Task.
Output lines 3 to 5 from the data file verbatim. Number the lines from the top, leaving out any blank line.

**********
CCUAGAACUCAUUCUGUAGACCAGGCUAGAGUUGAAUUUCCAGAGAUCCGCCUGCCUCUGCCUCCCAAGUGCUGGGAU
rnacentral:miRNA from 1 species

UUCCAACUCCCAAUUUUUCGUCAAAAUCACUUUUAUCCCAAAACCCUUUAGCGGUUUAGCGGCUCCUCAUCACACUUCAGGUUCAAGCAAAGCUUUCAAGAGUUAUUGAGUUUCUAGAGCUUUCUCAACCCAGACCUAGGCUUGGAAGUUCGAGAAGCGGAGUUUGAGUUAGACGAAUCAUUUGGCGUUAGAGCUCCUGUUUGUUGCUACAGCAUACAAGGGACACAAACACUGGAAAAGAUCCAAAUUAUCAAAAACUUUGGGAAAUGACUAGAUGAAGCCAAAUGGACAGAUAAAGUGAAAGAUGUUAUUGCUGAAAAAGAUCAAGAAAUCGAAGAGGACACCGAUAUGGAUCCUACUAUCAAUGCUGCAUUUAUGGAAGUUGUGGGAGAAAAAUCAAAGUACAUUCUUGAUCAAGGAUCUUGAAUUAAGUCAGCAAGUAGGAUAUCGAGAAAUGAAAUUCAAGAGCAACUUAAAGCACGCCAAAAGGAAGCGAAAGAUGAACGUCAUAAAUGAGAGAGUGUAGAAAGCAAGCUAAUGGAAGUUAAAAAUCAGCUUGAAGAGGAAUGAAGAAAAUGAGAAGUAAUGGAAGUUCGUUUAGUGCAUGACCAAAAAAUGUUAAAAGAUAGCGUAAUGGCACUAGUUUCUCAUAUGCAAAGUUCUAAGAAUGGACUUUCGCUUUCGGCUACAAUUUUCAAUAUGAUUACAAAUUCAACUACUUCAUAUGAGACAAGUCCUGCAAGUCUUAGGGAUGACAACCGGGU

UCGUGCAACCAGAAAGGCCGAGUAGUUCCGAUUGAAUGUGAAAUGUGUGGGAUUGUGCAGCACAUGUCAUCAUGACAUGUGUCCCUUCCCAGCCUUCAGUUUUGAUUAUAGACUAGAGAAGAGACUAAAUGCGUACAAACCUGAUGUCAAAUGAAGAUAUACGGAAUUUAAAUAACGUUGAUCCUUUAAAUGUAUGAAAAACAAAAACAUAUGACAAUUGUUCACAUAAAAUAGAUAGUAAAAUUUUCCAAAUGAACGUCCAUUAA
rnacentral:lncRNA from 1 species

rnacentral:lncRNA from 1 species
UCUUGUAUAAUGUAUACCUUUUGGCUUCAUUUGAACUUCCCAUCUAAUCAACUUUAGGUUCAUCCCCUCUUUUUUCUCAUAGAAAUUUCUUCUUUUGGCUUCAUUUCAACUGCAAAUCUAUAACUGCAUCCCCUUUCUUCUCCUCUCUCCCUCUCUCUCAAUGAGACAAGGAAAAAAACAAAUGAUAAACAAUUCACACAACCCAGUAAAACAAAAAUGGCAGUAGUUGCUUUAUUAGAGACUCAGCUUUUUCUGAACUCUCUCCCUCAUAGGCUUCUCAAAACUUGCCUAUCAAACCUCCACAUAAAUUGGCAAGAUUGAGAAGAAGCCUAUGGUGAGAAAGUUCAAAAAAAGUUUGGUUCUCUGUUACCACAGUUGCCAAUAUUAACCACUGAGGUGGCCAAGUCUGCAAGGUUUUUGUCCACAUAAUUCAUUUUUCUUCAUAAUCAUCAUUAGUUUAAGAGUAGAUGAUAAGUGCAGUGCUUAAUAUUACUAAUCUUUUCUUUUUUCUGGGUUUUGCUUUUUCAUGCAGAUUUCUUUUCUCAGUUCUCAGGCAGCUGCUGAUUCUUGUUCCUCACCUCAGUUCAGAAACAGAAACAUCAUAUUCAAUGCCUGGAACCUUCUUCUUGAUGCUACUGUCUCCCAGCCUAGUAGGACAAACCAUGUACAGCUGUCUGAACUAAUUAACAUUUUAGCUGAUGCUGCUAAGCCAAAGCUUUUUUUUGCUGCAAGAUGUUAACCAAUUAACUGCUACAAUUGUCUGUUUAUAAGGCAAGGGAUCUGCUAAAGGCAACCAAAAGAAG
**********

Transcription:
UUCCAACUCCCAAUUUUUCGUCAAAAUCACUUUUAUCCCAAAACCCUUUAGCGGUUUAGCGGCUCCUCAUCACACUUCAGGUUCAAGCAAAGCUUUCAAGAGUUAUUGAGUUUCUAGAGCUUUCUCAACCCAGACCUAGGCUUGGAAGUUCGAGAAGCGGAGUUUGAGUUAGACGAAUCAUUUGGCGUUAGAGCUCCUGUUUGUUGCUACAGCAUACAAGGGACACAAACACUGGAAAAGAUCCAAAUUAUCAAAAACUUUGGGAAAUGACUAGAUGAAGCCAAAUGGACAGAUAAAGUGAAAGAUGUUAUUGCUGAAAAAGAUCAAGAAAUCGAAGAGGACACCGAUAUGGAUCCUACUAUCAAUGCUGCAUUUAUGGAAGUUGUGGGAGAAAAAUCAAAGUACAUUCUUGAUCAAGGAUCUUGAAUUAAGUCAGCAAGUAGGAUAUCGAGAAAUGAAAUUCAAGAGCAACUUAAAGCACGCCAAAAGGAAGCGAAAGAUGAACGUCAUAAAUGAGAGAGUGUAGAAAGCAAGCUAAUGGAAGUUAAAAAUCAGCUUGAAGAGGAAUGAAGAAAAUGAGAAGUAAUGGAAGUUCGUUUAGUGCAUGACCAAAAAAUGUUAAAAGAUAGCGUAAUGGCACUAGUUUCUCAUAUGCAAAGUUCUAAGAAUGGACUUUCGCUUUCGGCUACAAUUUUCAAUAUGAUUACAAAUUCAACUACUUCAUAUGAGACAAGUCCUGCAAGUCUUAGGGAUGACAACCGGGU

UCGUGCAACCAGAAAGGCCGAGUAGUUCCGAUUGAAUGUGAAAUGUGUGGGAUUGUGCAGCACAUGUCAUCAUGACAUGUGUCCCUUCCCAGCCUUCAGUUUUGAUUAUAGACUAGAGAAGAGACUAAAUGCGUACAAACCUGAUGUCAAAUGAAGAUAUACGGAAUUUAAAUAACGUUGAUCCUUUAAAUGUAUGAAAAACAAAAACAUAUGACAAUUGUUCACAUAAAAUAGAUAGUAAAAUUUUCCAAAUGAACGUCCAUUAA
rnacentral:lncRNA from 1 species